A Chinaman from Canton, calling himself ‘Charles Tuckland,’ was charged with keeping a brothel.

The case was proved for the Crown by a Pagan Chinaman from Canton, names Lau Hawk, who deposed that the house was a brothel, and that he had married his wife Ellen Jones (a young woman aged 19 years, and a native of Sydney) out of his, prisoner’s disorderly house. Lau Hawk’s marriage was celebrated by the Rev. Dr. Fullerton, on the 23rd of January last. The marriage certificate was produced in Court. The witness, Lau Hawk, was sworn, at his own request, by blowing out a match, “not being a Christian.” Law Hawk [sic] swore that Tuckland’s house was a Chinese house of ill-fame, mostly frequented by Chinaman, but that degraded white men sometimes went there. Constable Michael H. Fox also gave evidence as to the extremely disreputable character of the house. A night-watchman, named Brennan, likewise gave similar evidence. This man had been complained to about Tuckland’s house by the people in the neighbourhood. The witness had seen Chinese men and white women – mostly very young – in couples in every room in the house – all smoking opium. The women were white women, and one of them was the woman Ellen Jones or Ellen Hawk. The white prostitutes and the Chinamen used to make a practice of smoking opium together. Brennan had seen the men smoking opium there, and passing on their opium pipes to the young women in whose company they were. Joe Hong, a Chinaman, gave the like evidence. For the defence, Mrs. Hawk (wife of Lau Hawk), gave the prisoner’s house a good character. She said she was drunk with spirits (not opium) when she was married to Lau Hawk. She went with Lau Hawk to Dr. Fullerton’s, to be married to Lau Hawk on an evening at twenty minuted to 10 o’clock. She swore that she was not then married to Lau Hawk, because they were told ‘it was then too late,’ but she did get married to him at the same place on the following morning, and was drunk at the time. Lau Hawk swore that they were married at night. Mrs. Lau Hawk’s bridesmaid was a girl called Emma Jones; one who passes as her sister, and who was living with Ellen Jones at Tuckland’s, but was not related to her. His Honor, in the course of his remarks said that the circumstances of this case were most extraordinary, and would, he trusted, be reported by the Press.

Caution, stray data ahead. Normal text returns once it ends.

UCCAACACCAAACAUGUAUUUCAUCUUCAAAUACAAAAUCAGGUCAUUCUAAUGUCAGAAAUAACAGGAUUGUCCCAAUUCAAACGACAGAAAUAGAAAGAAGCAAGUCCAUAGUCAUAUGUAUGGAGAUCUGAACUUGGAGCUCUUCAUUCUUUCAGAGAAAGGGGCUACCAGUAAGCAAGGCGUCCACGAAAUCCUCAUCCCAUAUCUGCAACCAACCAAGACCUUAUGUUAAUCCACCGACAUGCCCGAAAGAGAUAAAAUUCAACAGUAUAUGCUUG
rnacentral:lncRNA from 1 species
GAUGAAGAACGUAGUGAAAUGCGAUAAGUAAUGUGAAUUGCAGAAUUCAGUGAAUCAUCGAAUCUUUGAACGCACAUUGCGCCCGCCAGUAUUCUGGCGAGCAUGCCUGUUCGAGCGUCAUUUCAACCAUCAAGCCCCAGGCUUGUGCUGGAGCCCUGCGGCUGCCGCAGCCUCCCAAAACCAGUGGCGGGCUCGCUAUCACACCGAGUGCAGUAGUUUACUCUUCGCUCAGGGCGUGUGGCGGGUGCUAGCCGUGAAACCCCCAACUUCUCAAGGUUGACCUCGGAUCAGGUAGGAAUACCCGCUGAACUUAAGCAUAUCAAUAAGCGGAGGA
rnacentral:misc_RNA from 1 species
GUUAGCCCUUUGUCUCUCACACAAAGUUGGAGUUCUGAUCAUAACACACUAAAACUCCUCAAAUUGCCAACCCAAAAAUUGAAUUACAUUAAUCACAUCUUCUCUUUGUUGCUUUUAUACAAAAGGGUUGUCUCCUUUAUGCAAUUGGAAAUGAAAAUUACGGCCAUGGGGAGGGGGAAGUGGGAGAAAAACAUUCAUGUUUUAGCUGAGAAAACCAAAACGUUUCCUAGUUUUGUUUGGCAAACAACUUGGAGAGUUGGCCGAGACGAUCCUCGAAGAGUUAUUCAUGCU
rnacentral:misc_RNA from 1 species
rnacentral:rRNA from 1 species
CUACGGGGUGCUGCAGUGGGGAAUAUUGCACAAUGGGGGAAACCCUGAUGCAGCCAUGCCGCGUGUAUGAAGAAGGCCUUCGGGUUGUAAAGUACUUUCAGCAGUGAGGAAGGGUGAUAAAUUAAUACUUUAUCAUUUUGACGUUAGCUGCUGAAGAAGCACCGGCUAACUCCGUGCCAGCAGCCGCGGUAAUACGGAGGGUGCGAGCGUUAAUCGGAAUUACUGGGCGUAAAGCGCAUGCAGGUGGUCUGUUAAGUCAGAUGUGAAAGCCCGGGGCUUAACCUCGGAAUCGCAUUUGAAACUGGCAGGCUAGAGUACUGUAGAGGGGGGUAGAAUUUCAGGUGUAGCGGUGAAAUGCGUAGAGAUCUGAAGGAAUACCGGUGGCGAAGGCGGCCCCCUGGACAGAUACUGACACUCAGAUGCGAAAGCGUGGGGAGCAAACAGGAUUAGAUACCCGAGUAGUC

The prisoner’s defence was that his house was a ‘welly good house, and not bad at all.’ He sold opium for people to come and smoke it, and the young women waited on his customers.

The jury, without retiring, returned a verdict of guilty.

Sentence: To be imprisoned in Darlinghurst gaol and there kept to hard labour for six calendar months.

The opium merchant fluently expressed his astonishment at the result of the trial in Chinese, and was promptly removed from the Court in the midst of his disagreeable surprise.

(See the article online: http://nla.gov.au/nla.news-article13321835.)

‘Race, service, citizenship’: talk by Alistair Kennedy

The next event from the Chinese Australian Historical Society is a talk from Alistair Kennedy, BA (Hons) MA Dip Ch (HK), MBE from the School of History, ANU.

Race, Service, Citizenship: White Australia’s attitudes to Chinese-Australians between the two World Wars

When: Saturday 31st July 2010
Time: 2pm
Where: Sydney Mechanics School of Arts, 280 Pitt Street, Sydney (near Bathurst Street).

This paper represents work in progress on Alistair’s PhD thesis. It examines how the experience of war service in the First Australian Imperial Force (1st AIF) affected the lives of Chinese-Australians. It covers the consequences of the 1901 Immigration Restriction Act, the Dictation Test and the white working class exclusion discrimination on Chinese workers. The Chinese-Australian population fell rapidly from more than 88,000 in the 1880s to 25,000 at the 1911 census. In 1914, there were fewer than 2,000 Chinese-Australian males of military age with British citizenship and, of these, the racially intolerant Defence Acts excluded many who could not prove they were of ‘substantially European origin or descent’. Yet many of these Chinese-Australians did enlist.

Apart from the indigenous peoples, Australian social historians have seldom examined White Australia’s treatment of ethnic minorities between the wars. This paper argues that for one such minority, Chinese-Australians, the experience of military service in World War 1 was a positive one.

Cost: $10 members; $15 non members
Bookings: Anna Lee, Treasurer. Pay at the door.